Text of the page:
By Yvette Lacombe. Cycling. Published at Thursday, March 28th, 2019 - 18:59:14 PM.
Plus, in the second session, you’re training on tired legs – which gives you the cumulative fatigue effect. You rarely get to replicate the demands of the final half hour of a three hour race in training, because you never get the chance to go that hard, for that long, in a day. Double days can help replicate that.
So this week, when I got a bike of my own for the first time in my adult life, I was pretty excited to learn the little secrets of the cycling world- the inside jokes, what’s revered and what’s reprehensible, everything about life in this facet of the world I had never explored before.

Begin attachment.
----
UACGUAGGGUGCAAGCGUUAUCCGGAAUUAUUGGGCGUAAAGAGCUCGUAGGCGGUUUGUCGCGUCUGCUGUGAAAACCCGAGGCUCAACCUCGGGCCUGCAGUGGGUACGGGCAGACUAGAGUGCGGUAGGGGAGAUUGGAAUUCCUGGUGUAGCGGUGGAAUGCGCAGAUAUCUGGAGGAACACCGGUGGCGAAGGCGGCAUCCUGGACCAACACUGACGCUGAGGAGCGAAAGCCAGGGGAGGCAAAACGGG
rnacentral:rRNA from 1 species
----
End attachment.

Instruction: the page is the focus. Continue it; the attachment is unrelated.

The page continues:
As riders get older, they do need a little bit more rest. But it is very individual. You get some 55-year-olds who will happily ride five or six times a week, and you might get a 40-year-old who just feels they need that rest. As a general rule of thumb, the need for rest days does slightly increase as you get older.
The hangover is also a blessing for my dad, as my booze-hindered leg and lung capacity allow him to drop me at every opportunity. Enjoy it while you can – your hangovers are at least 75 per cent more brutal at 25 than at 18, and it’s all downhill from here.
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